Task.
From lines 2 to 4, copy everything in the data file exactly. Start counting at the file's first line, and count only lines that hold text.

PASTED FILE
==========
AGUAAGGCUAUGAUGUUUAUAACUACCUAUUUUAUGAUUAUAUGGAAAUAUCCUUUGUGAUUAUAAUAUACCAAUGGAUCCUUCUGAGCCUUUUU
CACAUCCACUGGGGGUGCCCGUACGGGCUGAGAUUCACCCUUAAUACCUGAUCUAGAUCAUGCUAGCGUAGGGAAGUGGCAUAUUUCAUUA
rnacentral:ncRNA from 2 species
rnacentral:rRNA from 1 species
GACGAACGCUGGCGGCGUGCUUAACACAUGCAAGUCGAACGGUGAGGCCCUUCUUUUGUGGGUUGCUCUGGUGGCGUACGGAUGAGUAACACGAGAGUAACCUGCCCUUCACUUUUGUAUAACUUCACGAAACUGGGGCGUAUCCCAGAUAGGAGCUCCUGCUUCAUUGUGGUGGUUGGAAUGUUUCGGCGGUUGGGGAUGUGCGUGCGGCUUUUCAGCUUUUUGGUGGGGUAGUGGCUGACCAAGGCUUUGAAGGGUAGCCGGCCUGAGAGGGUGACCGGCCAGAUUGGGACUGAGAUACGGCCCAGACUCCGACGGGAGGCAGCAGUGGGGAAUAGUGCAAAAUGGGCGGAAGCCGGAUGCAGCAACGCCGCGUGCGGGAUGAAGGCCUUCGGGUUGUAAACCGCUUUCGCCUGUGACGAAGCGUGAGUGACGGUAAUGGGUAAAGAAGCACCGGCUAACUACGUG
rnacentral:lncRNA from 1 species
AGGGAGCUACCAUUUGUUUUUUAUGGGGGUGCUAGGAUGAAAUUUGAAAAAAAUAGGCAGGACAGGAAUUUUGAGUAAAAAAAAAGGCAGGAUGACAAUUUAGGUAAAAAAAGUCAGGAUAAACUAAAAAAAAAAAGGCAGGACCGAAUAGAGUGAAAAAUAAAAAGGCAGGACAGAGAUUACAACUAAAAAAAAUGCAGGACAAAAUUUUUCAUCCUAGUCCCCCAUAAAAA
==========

CACAUCCACUGGGGGUGCCCGUACGGGCUGAGAUUCACCCUUAAUACCUGAUCUAGAUCAUGCUAGCGUAGGGAAGUGGCAUAUUUCAUUA
rnacentral:ncRNA from 2 species
rnacentral:rRNA from 1 species